I want to avoid financial fraud

Social media fraud - just because you're friends...

Here are three types of fraud often seen in social media.

You're offered a unique opportunity

A stranger offers you an investment. Whether it's a new product that's going to change the world, a project that will make lots of money or a legal loophole, ask yourself why the person would share such a good deal with someone else. It's a common way for fraudsters to make easy money.

Be even more careful if you're dealing with a friend or someone you know. It's very common for victims to know the fraudster well, so they don't bother doing the usual checks before investing. You should always confirm that the person offering you an investment is authorized to do so by contacting the AMF.

A friend in need

A good friend contacts you through social media. He tells you that he's in a difficult predicament and he needs your help financially... He may say for example that he was arrested while he was travelling and that he needs money to pay a fine, otherwise he'll be put in jail.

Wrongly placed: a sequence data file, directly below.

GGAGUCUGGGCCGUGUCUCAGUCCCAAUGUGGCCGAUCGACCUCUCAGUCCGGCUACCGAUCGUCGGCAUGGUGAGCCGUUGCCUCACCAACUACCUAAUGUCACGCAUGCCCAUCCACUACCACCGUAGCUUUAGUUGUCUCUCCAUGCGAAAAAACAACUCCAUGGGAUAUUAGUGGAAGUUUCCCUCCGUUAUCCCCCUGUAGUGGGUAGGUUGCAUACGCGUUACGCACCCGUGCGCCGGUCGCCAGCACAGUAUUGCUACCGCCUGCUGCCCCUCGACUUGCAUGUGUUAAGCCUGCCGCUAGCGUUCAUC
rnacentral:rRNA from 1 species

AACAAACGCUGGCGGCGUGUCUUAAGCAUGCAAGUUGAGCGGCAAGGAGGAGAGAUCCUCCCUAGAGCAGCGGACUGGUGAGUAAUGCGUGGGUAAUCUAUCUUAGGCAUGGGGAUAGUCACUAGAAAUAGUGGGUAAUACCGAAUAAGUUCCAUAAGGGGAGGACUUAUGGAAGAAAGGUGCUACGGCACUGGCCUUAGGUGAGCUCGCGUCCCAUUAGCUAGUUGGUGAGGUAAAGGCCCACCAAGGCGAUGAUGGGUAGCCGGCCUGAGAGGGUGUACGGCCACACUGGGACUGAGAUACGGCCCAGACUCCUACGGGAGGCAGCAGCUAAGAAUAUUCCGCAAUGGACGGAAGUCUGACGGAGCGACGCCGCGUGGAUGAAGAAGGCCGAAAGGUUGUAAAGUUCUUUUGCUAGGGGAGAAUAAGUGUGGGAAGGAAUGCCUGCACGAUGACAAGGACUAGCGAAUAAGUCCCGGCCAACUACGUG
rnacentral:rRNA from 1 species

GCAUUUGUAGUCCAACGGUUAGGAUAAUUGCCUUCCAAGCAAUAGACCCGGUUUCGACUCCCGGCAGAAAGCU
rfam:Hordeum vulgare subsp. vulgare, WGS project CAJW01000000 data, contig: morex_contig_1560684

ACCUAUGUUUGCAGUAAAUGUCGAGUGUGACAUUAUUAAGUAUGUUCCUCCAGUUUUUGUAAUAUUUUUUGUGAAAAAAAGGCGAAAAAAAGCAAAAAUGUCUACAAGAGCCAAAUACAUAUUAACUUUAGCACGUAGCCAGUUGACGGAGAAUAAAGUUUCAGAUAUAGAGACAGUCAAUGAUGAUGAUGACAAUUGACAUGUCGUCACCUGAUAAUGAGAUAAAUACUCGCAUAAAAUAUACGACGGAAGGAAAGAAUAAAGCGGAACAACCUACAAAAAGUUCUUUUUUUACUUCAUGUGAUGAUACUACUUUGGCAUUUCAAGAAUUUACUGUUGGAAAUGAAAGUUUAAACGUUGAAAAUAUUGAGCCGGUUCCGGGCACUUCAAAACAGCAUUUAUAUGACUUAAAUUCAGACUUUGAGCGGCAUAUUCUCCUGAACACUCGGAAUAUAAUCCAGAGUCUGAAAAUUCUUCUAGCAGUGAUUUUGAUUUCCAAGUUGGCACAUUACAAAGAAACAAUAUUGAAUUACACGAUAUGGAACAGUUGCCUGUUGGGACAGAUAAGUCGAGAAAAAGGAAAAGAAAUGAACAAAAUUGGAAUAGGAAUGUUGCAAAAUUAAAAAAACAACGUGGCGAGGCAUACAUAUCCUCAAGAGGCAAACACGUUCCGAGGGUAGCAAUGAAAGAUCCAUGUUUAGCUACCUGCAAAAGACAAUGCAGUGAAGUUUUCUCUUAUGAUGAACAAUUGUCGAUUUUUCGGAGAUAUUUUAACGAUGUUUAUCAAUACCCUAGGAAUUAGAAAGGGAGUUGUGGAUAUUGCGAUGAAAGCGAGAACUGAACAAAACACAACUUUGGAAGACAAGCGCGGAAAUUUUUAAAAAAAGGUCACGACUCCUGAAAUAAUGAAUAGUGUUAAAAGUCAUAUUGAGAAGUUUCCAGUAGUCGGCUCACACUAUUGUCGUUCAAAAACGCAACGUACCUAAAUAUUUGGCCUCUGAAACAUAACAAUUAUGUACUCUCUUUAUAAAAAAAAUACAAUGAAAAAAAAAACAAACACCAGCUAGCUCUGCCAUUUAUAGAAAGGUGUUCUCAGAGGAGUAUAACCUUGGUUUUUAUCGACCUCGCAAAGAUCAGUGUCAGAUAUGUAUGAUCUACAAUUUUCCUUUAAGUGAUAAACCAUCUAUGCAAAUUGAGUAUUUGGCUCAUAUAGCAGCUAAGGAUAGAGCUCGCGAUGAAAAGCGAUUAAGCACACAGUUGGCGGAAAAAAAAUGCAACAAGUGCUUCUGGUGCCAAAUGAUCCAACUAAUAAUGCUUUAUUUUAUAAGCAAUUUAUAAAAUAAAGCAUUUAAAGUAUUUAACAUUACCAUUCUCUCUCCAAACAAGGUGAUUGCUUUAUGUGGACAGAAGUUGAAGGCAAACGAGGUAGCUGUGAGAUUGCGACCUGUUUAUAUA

Be careful! Some fraudsters are able to steal the identity of someone you know through social media to extort money. Ask questions that only your friend knows the answer. Don't do anything without checking the person's identity and talking about it to people such as his family and friends.

Everyone's talking about it

A friend encourages you to download a new app and click on a link... To access it, you're asked for personal information such as your date of birth or your address.

It could be an attempt to steal your identity. Fraudsters could then use it to scam your friends or access your accounts. And who knows, maybe your friend is also the victim of the scam. Keep your personal information confidential.